We the 99

Ladies and gentlemen, we have a theme song.

Also, JaySmooth:

Timor: Where Has All the Aid Gone?

Foreign Policy in Focus has a really good article up about what’s happened to all the foreign aid that’s gone into East Timor in the last decade. You are hereby ordered to read the whole thing.

Timor-Leste is one of the most oil-dependent countries in the world, where more than 90% of the government’s annual budget comes from petroleum revenues. It imports everything from computer hardware to bottled water. Its infrastructure is very poor, making it hard for local farmers to transport crops to markets. Local farmers must also compete with an influx of imported goods from Australia, Singapore, and other countries. Many Timorese are still struggling with poor healthcare, lack of educational opportunities, little clean water, and other insufficient social services. Social inequality is widening, especially between the capital Dili and other districts.

iPods, China, WoW, Suicide, and Explosions

There’s a good chance you own a Foxconn product. They make stuff for Apple, HP, Dell, Nintendo, Microsoft, Intel Cisco, and other hi-tech giants. If you’ve never heard of them, don’t feel bad.

But listen up.

In 2010 there was a rash of suicides at Foxconn plants in China. Workers were jumping off factory and dormitory roofs. An article in Wired from 2010 describes leisurely hour-long lunches and concludes that “those unskilled laborers who get jobs at Foxconn are the luckiest”. But a 2006 study by the Daily Mail paints a very different picture of work conditions at Foxconn.

‘We have to work too hard and I am always tired. It’s like being in the army. They make us stand still for hours. If we move we are punished by being made to stand still for longer. […] We have to work overtime if we are told to and can only go back to the dormitories when our boss gives us permission,’ says Zang Lan. ‘If they ask for overtime we must do it. After working 15 hours until 11.30pm, we feel so tired.’

The Hong Kong advocacy group Students and Scholars Against Corporate Misbehavior (SACOM) has been following the situation at Foxconn factories for a while. When the suicides got big press attention, Apple said it would demand changes and make sure that Foxconn changed, as they promised to do. But according to SACOM, Apple and Foxconn have failed to keep their promises.

Apparently the only thing Foxconn did was put up nets, so that workers physically could not jump off the buildings.

And then there was the explosion at a Foxconn factory in Chengdu last week. When I first saw the headlines about this incident, I was amazed by how worried everyone was that iPad production might be slowed. “What will it mean for Apple stock?” one news report asked. “Will there be enough iPads for Christmas?” asked another.

It wasn’t until I dug to the bottom of the second article that I learned that three workers had died. How twisted is that? The news doesn’t even want to talk about the dead workers until after we soothe the fears of stock traders and consumption trend-watchers.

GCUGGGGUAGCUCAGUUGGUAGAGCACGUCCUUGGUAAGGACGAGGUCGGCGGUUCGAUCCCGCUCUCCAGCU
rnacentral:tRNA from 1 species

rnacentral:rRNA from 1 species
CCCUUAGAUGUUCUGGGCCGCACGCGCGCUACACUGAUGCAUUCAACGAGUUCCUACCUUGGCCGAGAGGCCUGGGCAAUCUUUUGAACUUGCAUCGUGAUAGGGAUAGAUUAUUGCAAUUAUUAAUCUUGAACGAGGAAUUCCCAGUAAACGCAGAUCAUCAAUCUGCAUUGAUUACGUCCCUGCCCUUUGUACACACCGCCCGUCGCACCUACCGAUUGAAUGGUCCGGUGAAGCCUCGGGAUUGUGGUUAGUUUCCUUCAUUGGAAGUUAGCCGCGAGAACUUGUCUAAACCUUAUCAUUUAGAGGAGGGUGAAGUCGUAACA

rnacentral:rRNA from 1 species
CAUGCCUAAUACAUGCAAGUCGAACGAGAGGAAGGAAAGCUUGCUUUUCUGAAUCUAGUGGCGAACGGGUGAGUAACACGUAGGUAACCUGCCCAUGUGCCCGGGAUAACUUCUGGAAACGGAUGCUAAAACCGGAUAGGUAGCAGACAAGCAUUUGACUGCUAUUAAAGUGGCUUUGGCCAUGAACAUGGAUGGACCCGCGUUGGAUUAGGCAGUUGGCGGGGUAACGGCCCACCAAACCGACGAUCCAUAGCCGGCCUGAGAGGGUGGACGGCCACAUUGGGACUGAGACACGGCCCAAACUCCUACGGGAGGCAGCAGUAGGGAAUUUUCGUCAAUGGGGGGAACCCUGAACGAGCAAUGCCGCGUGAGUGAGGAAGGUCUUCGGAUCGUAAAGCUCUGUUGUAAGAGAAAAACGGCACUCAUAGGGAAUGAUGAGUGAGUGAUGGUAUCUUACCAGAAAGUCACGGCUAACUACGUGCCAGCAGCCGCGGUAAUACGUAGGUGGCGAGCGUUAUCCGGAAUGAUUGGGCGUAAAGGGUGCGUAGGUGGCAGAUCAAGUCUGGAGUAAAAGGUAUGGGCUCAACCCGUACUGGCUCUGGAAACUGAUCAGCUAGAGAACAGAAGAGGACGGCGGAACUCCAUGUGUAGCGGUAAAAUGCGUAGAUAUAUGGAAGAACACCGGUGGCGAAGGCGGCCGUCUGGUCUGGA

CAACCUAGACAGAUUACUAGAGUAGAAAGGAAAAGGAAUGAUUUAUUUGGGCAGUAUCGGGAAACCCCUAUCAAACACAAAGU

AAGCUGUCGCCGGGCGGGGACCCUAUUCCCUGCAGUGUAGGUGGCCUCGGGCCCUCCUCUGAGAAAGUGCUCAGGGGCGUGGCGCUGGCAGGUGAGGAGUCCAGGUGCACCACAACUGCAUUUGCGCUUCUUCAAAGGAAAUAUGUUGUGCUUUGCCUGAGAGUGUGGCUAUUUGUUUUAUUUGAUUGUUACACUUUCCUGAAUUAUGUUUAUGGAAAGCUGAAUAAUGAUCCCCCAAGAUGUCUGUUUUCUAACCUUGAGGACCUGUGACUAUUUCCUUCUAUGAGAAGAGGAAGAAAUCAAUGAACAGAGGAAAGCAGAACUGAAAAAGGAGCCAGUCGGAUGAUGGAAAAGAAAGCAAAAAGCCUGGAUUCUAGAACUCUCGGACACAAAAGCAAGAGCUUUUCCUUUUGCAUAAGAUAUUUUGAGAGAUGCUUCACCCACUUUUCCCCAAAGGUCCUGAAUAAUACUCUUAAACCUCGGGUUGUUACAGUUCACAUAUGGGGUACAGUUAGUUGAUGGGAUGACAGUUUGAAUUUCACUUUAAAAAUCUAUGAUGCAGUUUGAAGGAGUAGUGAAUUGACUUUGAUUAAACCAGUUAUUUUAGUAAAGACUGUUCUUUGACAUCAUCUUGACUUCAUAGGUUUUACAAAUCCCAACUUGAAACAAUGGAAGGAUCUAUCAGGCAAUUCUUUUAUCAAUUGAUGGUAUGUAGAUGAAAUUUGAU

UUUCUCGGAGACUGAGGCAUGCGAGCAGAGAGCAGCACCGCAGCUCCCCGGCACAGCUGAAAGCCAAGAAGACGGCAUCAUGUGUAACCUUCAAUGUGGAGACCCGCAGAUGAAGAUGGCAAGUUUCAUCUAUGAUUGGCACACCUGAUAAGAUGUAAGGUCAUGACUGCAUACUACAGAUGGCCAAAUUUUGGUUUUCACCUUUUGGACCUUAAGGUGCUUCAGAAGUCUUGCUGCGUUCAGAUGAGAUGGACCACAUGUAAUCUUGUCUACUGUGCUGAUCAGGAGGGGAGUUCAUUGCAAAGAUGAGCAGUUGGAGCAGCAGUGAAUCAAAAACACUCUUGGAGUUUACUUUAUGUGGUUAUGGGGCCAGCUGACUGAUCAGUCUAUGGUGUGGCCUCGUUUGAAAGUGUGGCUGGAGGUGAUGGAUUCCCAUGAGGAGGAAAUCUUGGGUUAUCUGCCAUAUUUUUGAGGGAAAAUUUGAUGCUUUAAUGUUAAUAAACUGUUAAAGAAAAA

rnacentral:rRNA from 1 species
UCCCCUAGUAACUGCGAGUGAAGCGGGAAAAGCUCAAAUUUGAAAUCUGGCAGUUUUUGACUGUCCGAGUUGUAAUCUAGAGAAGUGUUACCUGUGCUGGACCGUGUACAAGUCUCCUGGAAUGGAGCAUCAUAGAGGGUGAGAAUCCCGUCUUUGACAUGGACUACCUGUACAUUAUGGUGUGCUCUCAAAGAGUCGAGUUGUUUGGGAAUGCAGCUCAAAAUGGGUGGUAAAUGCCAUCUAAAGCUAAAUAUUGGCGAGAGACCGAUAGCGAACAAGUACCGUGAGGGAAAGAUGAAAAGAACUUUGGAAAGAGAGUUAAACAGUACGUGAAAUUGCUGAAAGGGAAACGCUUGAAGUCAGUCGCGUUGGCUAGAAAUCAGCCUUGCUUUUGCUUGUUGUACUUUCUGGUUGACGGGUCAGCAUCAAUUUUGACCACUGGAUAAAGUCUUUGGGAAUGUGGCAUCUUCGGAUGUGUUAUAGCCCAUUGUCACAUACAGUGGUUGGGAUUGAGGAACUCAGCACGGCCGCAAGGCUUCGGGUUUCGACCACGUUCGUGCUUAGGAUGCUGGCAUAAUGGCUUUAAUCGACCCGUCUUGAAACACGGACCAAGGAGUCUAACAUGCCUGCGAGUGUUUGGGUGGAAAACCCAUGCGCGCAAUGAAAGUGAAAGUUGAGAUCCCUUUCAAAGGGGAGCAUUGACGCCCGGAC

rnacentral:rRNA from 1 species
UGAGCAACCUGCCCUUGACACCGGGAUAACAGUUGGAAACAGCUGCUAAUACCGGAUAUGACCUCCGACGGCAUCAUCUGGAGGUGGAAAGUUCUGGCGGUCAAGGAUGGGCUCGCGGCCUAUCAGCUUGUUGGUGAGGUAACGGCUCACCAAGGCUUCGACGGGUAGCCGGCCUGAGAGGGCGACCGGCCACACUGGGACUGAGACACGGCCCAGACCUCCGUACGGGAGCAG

Then I found the Make IT Fair campaign, of which SACOM is a member organization, and it said that the explosion was the result of gross negligence on the part of Foxconn.

In March and April, SACOM conducted investigations at Foxconn’s plants in Chengdu. The work safety in both northern and southern campuses is alarming.

During my research, I learned about a 2008 law in China that made some tiny little changes to make workers’ lives better in that country. Guess who lobbied against it? Wal-Mart and other corporations, including Google, UPS, Microsoft, Nike, AT&T, and Intel, through the American Chamber of Commerce in Shanghai.

China’s proposed legislation will not eliminate its labor problems. The law will not provide Chinese workers with the right to independent trade unions with leaders of their own choosing and the right to strike. But foreign corporations are attacking the legislation not because it provides workers too little protection but because it provides them too much.

But wait, there’s more! Today I came across this fun article, about prisoners in China. It features an interview with Liu Dali, who served over two years in a Chinese work camp for “‘illegally petitioning’ federal authorities about corruption in his local government”. So after spending a full day digging trenches and carving chopsticks, how did the guards help him relax?

They made him farm gold.

The scheme, a practice referred to among gamers as “gold farming,” required some 300 prisoners at the Jixi labor camp to gather currency (usually by repeating monotonous tasks) in multiplayer games such as World of Warcraft, which the guards then hawked online for cash.

I’ve always viewed the concept of gold-farming as repugnant, but I read a defense of it somewhere recently. (“I have a busy work life. I want the best sword but I don’t have time to quest for it. It’s better than lots of other jobs in China!”) Just remember this, if you decide to buy that +3 Plate Mail on WoW: It may be lacquered with the blood of a Chinese political prisoner.


Annie Leonard is my favorite internet person right now. Her Story of Stuff series is excellent and entertaining. Apropos of the above, here’s The Story of Electronics.

Today I’m listening to: Brother Ali!

Why I (Can’t) Hate Ron Paul

I want to hate Ron Paul. I wish I could just write him off for being crazy and single-minded. But I can’t! He stands for a number of really good positions. Even Dennis Kucinich said he would choose Ron Paul as a running mate, especially since they share very similar views on international policy.